Academic journal article JITTA : Journal of Information Technology Theory and Application

"Big in Japan" - iMode and the Mobile Internet

Academic journal article JITTA : Journal of Information Technology Theory and Application

"Big in Japan" - iMode and the Mobile Internet

Article excerpt



As technologies for networking and mobile telephony have begun to converge, a new channel has recently emerged for electronic commerce - the mobile Internet. In many countries the adoption of wireless Internet technology by consumers has been slow, typified by the poor reception of wireless application protocol (WAP) in Europe and the US. However, looking further afield the situation is very different. In Japan, the number of wireless Internet subscribers has grown phenomenally, driven by the mobile Internet services provided by NT DoCoMo. In particular, the high-quality services and sophisticated technological platform provided by iMode has captured a huge market share and the rest of the world's attention. This has provided a potentially powerful stage for electronic commerce. This paper examines the nature of the Mode phenomenon and the future implications for this service platform.


The Internet has proven to be an easy and efficient way of delivering a wide variety of services to millions of 'wired' users; as of November 2000, the estimated number of Internet users stood at 407.1 million (Nua Internet Surveys 2000). Not only do the services themselves attract people, but also the convenient way of accessing them via an Internet browser; under most circumstances the same services can be used all over the world - as long as one has access to an appropriately configured personal computer and the Internet.

Throughout the 1990s, another technology that has played an increasingly important role in society is the mobile phone. Again, this is a technology in an age where time is short and the weight attached to convenience is very high. From a saturation of only 8 percent in 1995, more than half of the UK population now own a mobile phone (Wearden 2001). Similar patterns can also be seen in the US, Germany and most other developed countries. In some places, such as some parts of Scandinavia and Hong Kong, the saturation of mobile phone ownership is now in excess of 80 percent (Fernandez 2000). Furthermore, the diffusion of mobile technology is likely to continue well into this decade. By 2003, the global number of cellular phone users is forecast to exceed one billion (Cahners In-Stat Group 2000).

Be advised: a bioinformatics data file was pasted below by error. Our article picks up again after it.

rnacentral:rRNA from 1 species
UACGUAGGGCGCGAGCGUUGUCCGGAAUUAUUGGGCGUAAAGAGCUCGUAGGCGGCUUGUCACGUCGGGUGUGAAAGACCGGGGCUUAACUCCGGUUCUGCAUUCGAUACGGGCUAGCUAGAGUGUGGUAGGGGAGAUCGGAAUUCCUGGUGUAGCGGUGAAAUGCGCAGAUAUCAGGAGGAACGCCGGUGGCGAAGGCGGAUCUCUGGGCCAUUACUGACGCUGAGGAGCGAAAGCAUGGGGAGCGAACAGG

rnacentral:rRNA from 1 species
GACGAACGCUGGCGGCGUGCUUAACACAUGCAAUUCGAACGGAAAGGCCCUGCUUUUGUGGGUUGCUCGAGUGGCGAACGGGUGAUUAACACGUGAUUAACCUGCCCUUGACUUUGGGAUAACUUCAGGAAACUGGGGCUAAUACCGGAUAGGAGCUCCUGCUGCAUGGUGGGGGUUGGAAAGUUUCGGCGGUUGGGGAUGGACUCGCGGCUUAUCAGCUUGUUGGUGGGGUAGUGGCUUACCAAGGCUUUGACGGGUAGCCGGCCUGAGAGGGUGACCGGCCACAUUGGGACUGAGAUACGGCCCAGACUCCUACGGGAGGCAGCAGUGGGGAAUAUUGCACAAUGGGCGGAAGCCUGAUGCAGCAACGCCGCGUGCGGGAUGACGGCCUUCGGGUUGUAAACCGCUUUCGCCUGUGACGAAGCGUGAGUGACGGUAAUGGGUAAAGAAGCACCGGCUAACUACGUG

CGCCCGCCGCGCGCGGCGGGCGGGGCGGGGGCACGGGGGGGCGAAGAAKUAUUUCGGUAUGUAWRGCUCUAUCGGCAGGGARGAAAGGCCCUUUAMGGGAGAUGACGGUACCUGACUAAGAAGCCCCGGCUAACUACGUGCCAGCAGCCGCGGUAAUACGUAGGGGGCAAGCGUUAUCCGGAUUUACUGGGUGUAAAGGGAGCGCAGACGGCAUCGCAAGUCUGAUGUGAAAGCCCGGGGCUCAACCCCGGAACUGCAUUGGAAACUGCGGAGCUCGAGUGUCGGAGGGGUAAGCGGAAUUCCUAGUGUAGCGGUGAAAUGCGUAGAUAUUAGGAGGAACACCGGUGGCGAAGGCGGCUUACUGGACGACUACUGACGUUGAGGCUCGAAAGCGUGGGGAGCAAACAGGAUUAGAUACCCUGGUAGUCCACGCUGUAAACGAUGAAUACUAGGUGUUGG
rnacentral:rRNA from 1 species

The above technologies once followed very separate paths, but evidence now suggests that they are entering an era of partnership. The convergence of the Internet and wireless technologies is fuelling expectations of growth in wireless data services and a proliferation of business applications of the wireless Internet. Applications include games, email, banking, share trading, travel, news feeds and shopping. Indeed, the mobile platform has tremendous potential for electronic commerce, tailored to the preferences and context of the individual. The commercial value of this new revenue stream is predicted to be very significant. Worldwide, mobile (m-) commerce revenues are expected to exceed $200 billion by 2004 (Strategy Analytics 2000).

Interestingly, one country in particular has rapidly adopted the wireless Internet like no other - Japan. While the US grapples with its fragmented set of mobile network and service standards (Varshney 2000) and Europe experiences the very slow adoption of the wireless Internet based on the Wireless Application Protocol (WAP) (Reuters 2000), the diffusion of wireless data services in Japan has been phenomenal. In February 2001, Japan had 31.6 million mobile Internet users, two-- thirds using the iMode platform (Mobile Media Japan 2001).

Although WAP is hailed as the de facto global standard for wireless information and telephony services on digital mobile phones and other wireless terminals (AU System 1999), clearly it is iMode that takes the lead in terms of the number of wireless Internet users. The iMode platform, based on Hypertext Markup Language (HTML), provides a compelling alternative to WAP. …

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